The competitors traded strikes and engaged in some ground wrestling before Kenta slapped Ibushi in the face. The Golden Star answered with a slap of his own that dropped Kenta to his knee.

    Kenta delivered a suplex and trapped his opponent in a headlock as he seized control of the bout. The hard-hitting Kenta punished Ibushi, then teased an unprotected knee strike before insultingly kicking him in the face.

    A flurry of strikes by the competitors ensued, each laying into the other with nasty forearms to the face.

    Ibushi finally mounted some offense, including a moonsault for a count of two. Later, Kenta delivered a leaping clothesline for a count of two. With Kenta on the apron, Ibushi teased a deadlift German suplex back into the ring. When Kenta fought out, Ibushi dropped him to the floor with a backdrop kick.

    Ibushi flew through the air, but Kenta countered with a knee that sent The Golden Star crashing to the mat below.

    Back in the ring, Kenta delivered a top rope double stomp for a near-fall. Kenta teased Go To Sleep, but Ibushi fought out and flattened him with a clothesline.

    A back-and-forth ensued until Kenta caught Ibushi with a running knee that turned him inside out. The warriors recovered and came face-to-face with each other, each exchanging words and strikes, daring the other to answer. A high kick from Kenta nearly knocked Ibushi unconscious. Two more continued Kenta's relentless assault.

    They were not enough to keep Ibushi down. Go To Sleep, though, was.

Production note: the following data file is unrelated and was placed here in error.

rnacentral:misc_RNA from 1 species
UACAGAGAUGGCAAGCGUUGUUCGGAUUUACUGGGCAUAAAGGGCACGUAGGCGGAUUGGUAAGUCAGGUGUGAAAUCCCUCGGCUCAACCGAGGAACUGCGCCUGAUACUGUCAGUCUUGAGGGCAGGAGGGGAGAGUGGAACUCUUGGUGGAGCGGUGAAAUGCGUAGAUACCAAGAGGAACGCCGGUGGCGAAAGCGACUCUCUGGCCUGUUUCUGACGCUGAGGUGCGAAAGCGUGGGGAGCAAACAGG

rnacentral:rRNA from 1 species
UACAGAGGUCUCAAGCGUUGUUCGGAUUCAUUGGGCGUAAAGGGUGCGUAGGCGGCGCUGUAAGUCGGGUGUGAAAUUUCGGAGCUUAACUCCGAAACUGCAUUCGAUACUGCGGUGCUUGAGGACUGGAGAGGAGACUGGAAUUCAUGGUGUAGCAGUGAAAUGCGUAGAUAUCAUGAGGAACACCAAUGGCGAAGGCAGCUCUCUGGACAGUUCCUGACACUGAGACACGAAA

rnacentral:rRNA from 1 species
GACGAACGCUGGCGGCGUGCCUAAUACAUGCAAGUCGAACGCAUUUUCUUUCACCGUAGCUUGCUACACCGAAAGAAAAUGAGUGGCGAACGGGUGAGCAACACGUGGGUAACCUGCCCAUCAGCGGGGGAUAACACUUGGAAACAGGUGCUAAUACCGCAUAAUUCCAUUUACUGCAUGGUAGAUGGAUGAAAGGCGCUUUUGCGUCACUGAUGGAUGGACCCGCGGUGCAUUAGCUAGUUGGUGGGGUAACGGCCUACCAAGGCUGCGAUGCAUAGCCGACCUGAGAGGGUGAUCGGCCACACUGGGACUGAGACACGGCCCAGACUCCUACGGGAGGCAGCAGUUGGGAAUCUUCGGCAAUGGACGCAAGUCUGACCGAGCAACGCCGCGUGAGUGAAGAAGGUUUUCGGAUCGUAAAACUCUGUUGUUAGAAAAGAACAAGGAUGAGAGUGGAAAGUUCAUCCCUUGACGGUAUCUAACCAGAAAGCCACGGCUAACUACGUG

After the match, Kenta showed Ibushi respect, helping him to his feet. 



    Kenta defeated Ibushi (earns two points)






    This was The Kenta Story, a return to form for a once-proud competitor.

    After years spent wallowing away in NXT and on 205 Live, he returned to the squared circle against one of the premier stars in New Japan Pro-Wrestling. He not only hung with The Golden Star, he essentially dominated him for the majority of the match.

    Yes, Ibushi fought back and stunned him on an occasion or two, but Kenta ramped up his fury and put him to sleep for the decisive victory.

    The idea that his talents were allowed to waste away like they were, even when signed with NXT, makes him one of those rare anomalies. If this performance was any indication, it is one of those anomalies that will make NXT, WWE and its runners look foolish.

A Block Match: Kazuchika Okada vs. Hiroshi Tanahashi

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    The two biggest stars in New Japan Pro-Wrestling, and two of that promotion's most iconic competitors ever, squared off in the main event of the night as IWGP heavyweight champion Kazuchika Okada battled familiar foe Hiroshi Tanahashi.